• Danielle Lee Tschirhart

5 Keys to Creating Boundaries

You might love them, you might hate them; but, today we're talking about boundaries- an enneagram type 2's dirty word. I've learned the importance of boundaries over the years in school, work, relationships, and literally every other area in life.

So what's this have to do with our February series on organization and balance??

You'll never achieve all those goals you've planned and organized if you don't have boundaries-- and you certainly won't have balance.

So here ya go- 5 easy steps to creating boundaries.

//1// Say "buh-bye" to perfectionism

A wise friend recently told me that anytime you make a deal with someone (including those yearly contracts), the contract-giver believes they are getting a good deal-- or else they wouldn't be offering it. With that said, you hold up your end of the contract and that's all you need to feel like you have to do. Sign a contract to work 9-5, work 9-5 and do everything you can to get the work done in that time. If you're unable to get all the work placed on you in that time, it'll send a message to your employer. If you spend loads of extra hours doing the work and your employer doesn't see that - they'll never know your workload is too much.

This also completely applies to school if that's where you're at. If you didn't know (as I didn't), it is completely impossible to take a full class load, work, keep relationships afloat all while giving each one 100%. There ya have it- permission to not give 100% to everything. Here's my #1 tip: Prioritize assignments based on how much their worth and do the best you can. Turn it in and let it go. Really really. It won't make you lazy or a bad student or less whatever. Not everything has to be perfect...promise.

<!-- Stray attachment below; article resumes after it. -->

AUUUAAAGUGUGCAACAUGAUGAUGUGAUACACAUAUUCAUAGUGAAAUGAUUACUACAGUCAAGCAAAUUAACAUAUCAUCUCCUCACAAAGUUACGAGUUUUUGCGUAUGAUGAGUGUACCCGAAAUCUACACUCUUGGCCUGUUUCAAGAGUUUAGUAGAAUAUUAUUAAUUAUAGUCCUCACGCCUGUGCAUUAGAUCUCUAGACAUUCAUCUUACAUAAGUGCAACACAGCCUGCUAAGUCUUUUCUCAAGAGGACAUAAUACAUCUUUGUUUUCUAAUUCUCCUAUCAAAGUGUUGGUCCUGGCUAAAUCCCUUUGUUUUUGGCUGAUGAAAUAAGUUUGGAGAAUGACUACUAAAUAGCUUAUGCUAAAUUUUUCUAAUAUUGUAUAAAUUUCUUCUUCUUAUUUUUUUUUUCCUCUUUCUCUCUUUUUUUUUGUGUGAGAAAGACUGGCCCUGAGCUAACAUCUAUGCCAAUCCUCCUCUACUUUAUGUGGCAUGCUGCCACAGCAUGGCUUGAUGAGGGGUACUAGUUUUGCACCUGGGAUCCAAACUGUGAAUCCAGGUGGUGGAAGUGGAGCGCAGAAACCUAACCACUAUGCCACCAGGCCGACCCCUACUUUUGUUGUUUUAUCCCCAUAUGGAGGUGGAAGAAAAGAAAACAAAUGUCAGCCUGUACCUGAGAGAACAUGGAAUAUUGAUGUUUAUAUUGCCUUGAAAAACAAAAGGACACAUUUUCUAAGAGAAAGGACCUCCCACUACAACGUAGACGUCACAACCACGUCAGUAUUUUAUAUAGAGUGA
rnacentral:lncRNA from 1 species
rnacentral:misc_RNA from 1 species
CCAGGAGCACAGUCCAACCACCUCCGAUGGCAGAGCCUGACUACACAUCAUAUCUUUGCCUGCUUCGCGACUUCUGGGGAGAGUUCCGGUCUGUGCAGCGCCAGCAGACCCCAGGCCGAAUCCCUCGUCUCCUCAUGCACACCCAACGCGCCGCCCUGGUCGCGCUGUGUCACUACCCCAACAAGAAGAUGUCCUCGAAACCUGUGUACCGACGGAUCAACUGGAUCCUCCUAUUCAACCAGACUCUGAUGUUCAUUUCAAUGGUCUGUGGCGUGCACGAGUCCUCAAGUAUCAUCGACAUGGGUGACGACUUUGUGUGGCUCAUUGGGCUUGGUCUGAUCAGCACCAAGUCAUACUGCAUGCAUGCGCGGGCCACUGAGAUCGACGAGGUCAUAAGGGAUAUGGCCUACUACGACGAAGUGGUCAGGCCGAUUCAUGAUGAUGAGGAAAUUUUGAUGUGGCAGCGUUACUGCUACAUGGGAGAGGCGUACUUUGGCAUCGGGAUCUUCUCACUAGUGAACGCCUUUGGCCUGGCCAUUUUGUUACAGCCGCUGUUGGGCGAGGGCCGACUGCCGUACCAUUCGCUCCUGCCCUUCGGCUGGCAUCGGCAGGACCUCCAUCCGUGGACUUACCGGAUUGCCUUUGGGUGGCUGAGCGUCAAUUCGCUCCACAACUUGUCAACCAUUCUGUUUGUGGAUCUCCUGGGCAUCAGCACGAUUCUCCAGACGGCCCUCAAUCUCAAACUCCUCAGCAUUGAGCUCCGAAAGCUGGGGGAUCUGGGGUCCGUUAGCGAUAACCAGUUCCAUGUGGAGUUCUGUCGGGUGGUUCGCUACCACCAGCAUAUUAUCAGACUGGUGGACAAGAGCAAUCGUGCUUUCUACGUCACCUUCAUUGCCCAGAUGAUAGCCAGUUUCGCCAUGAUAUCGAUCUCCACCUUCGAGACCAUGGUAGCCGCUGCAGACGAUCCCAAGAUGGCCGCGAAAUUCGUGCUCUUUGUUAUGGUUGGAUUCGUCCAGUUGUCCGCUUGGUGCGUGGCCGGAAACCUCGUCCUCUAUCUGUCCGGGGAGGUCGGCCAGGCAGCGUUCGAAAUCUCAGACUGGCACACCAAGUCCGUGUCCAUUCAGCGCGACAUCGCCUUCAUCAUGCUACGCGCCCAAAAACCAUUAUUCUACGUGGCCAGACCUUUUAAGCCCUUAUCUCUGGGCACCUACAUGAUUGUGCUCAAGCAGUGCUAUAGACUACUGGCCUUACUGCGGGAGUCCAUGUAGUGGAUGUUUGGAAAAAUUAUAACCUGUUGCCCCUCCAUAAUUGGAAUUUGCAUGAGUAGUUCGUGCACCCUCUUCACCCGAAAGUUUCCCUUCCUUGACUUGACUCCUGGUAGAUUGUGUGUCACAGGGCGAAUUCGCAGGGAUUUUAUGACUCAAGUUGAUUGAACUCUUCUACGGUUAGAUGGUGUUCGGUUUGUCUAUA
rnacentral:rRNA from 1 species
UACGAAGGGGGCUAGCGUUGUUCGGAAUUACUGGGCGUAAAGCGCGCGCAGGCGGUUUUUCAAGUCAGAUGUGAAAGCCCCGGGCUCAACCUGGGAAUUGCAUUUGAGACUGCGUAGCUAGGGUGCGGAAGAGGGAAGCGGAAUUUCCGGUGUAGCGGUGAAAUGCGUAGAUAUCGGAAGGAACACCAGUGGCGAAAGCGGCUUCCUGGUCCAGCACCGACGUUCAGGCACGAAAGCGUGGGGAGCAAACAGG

I've been letting go of my perfectionism tendencies for a while now, and I'm actually thriving in those areas.

//2// Leave work at work

If you want any sense of work/life balance, leave work at work. I'm an educator and I get the urge to bring work home often; HOWEVER, I learned quick quick that teaching (and many other professions) can quickly and completely take over your life. That idea that you could always do better is always present, regardless of how many extra hours you spend planning. SO, do everyone in your life a favor, including your coworkers, employers, family, etc., and leave work at work. You'll find that you actually have time to spend with the people you love and have hobbies-- really, you can have hobbies!! And that, my friend, is life-giving.

//3// Stop saying yes to everyone else and say yes to you

As a helper, I'm often quick to say "yes" to all the things, only to regret it soon after. When we spread ourselves too thin by saying "yes" to everything, we'll inevitably start saying "no" to the things and people that are most important. It's just how life works. No one can healthily juggle that many things. Shauna Niequist's book Present Over Perfect really helped me in this area. You an find her book here. Start by saying "no" to anything extra until you feel ready to start wanting to say "yes" again.

//4// Know your own worth

Know that people don't just like you because you're the "responsible" one who people can always count on. You are so much more than that. People love you for you, and if they don't, it'll become evident pretty quick and you can thank me later for being able to see their true intentions. Your time is precious, so you've gotta make time for the important things. With that said, you won't be able to help anyone anyway if you don't take care of you. SO, take that bubble bath, eat that pint of ice cream, put on that face mask, etc.

//5// Identify toxic behaviors

Finally, take note which people you walk away from feeling weighed down and which people you walk away from feeling refreshed. When you notice a behavior (gossip, negativity, etc) or a person that weighs you down, that's your clue there should be a boundary set there. Spend that precious time of yours with people who lift you up and that you can lift up.

Kk. Go out and start setting those boundaries. Try tackling just one at a time if it seems like too much. Let me know how it goes!!!